How many times do you hear the phrase, “its not what you know, its who you know?” Well, to a large degree it’s true. But it does not mean what you may think it means.
What it does is point to the power of networking in a job search. We advise that people do 3 main things when looking for a job. 1. Following job posting boards is a necessary evil of the job search. You may find a job here, but you are just one of thousands of people looking at the same posting. 2. A placement agency like 52 can open doors and provide opportunities that never show up on job boards. A placement agency is also a function of the next and critical step. 3. Network. Often networking is the most important missing piece. It’s also of course, the hardest one and the one that requires the most work.
So, getting back to the “who you know”. It’s not really who you know as much as it is what you know and who you know. If you don’t have marketable employment skills, it really doesn’t matter who you know, chances are you still are not going to be hired to run your mom’s friend’s marketing department. The key is to know as many people in your chosen profession and specialization as you can. If you are good at what you do, you should have a network of people that know it. When looking for a new job, you tap into that network and let it work for you.
If you need to build a network, it takes time, effort and focus. When you make a contact make sure you also ask that contact for a referral. That way one contact becomes two. And always follow up. Keep track of your contacts and the activity you have had with them. When trying to build a network on a job search you need to ask yourself, who would hire me? As in, what is the position or job title of the person who would hire me? If you are a graphic designer, it might be a creative director or marketing manager. Those are the people then that you target for your networking. You also target people who would be doing the same work as you, but they are more able to refer you to opportunities, the higher level people may be the ones doing the hiring. Either way, it’s still networking and building your sphere of contacts.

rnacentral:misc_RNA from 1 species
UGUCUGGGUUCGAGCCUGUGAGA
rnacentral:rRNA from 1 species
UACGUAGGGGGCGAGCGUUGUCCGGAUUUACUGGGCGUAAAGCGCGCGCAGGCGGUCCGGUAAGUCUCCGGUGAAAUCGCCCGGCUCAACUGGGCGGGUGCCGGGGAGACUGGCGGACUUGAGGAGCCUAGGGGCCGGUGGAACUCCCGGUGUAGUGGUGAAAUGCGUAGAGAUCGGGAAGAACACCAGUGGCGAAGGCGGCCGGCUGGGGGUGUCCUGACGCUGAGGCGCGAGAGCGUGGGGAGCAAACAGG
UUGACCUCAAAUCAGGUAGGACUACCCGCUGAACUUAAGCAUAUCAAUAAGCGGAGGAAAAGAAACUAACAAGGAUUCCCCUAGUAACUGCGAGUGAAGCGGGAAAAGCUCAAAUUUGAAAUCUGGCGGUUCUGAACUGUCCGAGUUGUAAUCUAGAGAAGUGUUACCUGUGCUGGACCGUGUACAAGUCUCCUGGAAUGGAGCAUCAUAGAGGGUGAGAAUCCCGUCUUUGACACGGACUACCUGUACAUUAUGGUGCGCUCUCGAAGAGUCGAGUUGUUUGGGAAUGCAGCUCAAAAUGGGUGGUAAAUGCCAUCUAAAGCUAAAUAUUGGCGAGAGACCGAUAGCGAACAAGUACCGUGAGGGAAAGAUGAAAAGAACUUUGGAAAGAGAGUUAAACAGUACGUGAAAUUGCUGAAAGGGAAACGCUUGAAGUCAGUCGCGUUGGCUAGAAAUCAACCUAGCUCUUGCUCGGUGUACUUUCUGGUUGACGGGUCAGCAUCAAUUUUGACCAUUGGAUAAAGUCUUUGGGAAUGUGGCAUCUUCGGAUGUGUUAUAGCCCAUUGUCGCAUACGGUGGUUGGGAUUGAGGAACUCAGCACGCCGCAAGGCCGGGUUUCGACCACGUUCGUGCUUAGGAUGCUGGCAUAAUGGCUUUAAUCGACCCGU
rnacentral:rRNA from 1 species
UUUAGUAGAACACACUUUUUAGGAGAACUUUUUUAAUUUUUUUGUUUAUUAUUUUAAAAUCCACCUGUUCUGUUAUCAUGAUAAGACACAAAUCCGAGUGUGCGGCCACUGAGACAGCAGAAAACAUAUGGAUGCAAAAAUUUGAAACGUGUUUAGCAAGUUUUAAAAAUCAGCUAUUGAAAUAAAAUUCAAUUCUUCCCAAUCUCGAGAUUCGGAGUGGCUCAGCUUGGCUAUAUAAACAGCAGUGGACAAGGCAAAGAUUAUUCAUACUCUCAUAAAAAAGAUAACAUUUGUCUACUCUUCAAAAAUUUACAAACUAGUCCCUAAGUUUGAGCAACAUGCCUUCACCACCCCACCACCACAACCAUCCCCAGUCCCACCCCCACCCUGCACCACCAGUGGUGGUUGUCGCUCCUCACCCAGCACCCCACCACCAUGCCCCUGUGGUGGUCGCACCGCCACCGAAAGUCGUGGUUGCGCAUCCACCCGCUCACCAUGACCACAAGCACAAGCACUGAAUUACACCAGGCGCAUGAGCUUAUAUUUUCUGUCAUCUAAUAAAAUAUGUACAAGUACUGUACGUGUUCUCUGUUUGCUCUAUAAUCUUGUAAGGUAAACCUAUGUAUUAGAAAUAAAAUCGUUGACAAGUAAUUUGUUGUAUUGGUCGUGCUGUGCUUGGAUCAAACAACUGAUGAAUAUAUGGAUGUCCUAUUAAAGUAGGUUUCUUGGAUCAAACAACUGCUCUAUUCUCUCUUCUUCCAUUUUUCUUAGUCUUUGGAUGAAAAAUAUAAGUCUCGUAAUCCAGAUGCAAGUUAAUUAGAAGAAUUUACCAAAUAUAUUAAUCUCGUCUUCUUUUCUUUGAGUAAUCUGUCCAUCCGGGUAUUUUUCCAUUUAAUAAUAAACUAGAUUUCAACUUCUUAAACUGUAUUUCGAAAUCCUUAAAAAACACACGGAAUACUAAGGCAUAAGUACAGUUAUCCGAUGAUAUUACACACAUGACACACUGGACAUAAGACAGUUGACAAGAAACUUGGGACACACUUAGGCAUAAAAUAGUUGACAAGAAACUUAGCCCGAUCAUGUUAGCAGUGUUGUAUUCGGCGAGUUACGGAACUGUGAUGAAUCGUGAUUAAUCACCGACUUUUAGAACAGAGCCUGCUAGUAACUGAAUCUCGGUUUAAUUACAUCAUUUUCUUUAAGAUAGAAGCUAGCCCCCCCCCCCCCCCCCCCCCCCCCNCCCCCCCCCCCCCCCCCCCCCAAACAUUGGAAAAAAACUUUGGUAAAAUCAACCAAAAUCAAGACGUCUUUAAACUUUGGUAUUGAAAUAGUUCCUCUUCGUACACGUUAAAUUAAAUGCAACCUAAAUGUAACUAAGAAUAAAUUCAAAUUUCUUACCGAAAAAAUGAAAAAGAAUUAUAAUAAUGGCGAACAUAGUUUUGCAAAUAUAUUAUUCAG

It’s good to get this skill down early because it is a recurring theme. A job search through proactive networking is very similar to the business development cycle that companies pursue. And it’s hard work. But, it is worth it because you never know the opportunities that will present themselves, either in the short term or years down the road.
Because, it’s all about who you know.